The UK’s former foreign secretary insisted that it is essential that Britain finally leaves the EU at the end of October to prevent the mood of “disillusion, even despair” in the country from spreading.
He warned failure that to honour the referendum vote risked handing power to Jeremy Corbyn and Labour at the next British general election.
“Delay means defeat. Delay means Corbyn. Kick the can and we kick the bucket.”
His launch took place as a cross-party alliance of MPs prepared a fresh attempt to use Commons procedure to block a no-deal Brexit.
When challenged by a reporter about past comments, including saying Muslim women wearing burkas “look like letter boxes”, Mr Johnson said: “I want to make a general point about the way I do things and the language I use.
“Occasionally some plaster comes off the ceiling as a result of a phrase I may have used, or the way that phrase has been wrenched out of context by those who wish for reasons of their own to caricature.
“But I think it’s vital for us as politicians to remember that one of the reasons that the public feels alienated now from us all as a breed, is because too often they feel that we are muffling and veiling our language, not speaking as we find – covering everything up in bureaucratic platitudes, when what they want to hear is what we genuinely think.”
Asked about a previous confession that he had taken cocaine at university, Mr Johnson said: “I think the account of this event when I was 19 has appeared many, many times.
“I think what most people in this country want us to really focus on in this campaign, if I may say so, is what we can do for them and what our plans are for this great country of ours.”
Mr Johnson’s Conservative leadership rival Rory Stewart tweeted: “On reflection I am beginning to think there are only 2 candidates who can beat Boris – me, and Boris himself.”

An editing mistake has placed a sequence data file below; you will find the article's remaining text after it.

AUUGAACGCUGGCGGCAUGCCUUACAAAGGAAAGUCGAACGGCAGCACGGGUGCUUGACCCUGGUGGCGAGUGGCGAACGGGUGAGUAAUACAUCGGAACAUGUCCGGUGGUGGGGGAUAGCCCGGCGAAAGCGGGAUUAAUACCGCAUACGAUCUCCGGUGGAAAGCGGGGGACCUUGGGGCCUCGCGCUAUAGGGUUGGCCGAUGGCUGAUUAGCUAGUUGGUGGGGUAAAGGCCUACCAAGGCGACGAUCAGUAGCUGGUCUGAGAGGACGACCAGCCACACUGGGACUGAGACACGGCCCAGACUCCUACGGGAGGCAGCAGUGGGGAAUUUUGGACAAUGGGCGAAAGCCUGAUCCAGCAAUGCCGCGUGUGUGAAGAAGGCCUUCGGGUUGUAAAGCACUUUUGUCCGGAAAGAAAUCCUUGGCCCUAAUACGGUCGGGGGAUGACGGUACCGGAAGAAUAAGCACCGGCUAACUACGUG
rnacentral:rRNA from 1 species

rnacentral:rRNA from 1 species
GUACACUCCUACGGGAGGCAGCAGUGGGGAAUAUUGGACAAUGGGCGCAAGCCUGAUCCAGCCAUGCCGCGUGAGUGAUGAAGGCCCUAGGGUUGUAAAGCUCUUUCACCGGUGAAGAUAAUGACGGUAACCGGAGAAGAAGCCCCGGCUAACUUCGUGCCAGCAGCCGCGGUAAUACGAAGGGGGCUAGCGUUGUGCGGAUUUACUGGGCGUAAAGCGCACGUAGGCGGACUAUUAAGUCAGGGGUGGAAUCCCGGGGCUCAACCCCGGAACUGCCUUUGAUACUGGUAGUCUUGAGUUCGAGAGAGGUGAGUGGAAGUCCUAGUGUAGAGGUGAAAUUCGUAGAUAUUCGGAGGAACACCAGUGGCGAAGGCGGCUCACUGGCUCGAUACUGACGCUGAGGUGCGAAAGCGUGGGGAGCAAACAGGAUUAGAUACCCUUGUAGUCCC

On reflection I am beginning to think there are only 2 candidates who can beat Boris – me, and Boris himself.
— Rory Stewart (@RoryStewartUK) June 12, 2019
Mr Johnson, answering a question about his commitment to Brexit, added: “The real existential threat that I now think faces both parties if we fail to get this thing done. And I think that in the end maturity and a sense of duty will prevail.
“It will be very difficult in the end for colleagues in Parliament to obstruct the will of the people and to block Brexit.
“They (the public) returned a very clear answer by a substantial majority.”
Mr Johnson clarified he would stand up for all businesses when asked about his “f*** business” comments.
Mr Johnson said: “I don’t think there is anybody in the modern Conservative Party who can honestly be said to have done more to stick up for business, even in the toughest of times.”
He added: “I will stick up for them.”
He said he had spent a lot of time as Britain’s Foreign Secretary promoting British business.
Mr Johnson added: “I am not going to pretend to you now that everything will be plain sailing.
“There will be difficulties and there will be bumps in the road, but my team will hit the ground running.
“A sensible, orderly Brexit that allows this country to flourish as a great, independent nation.”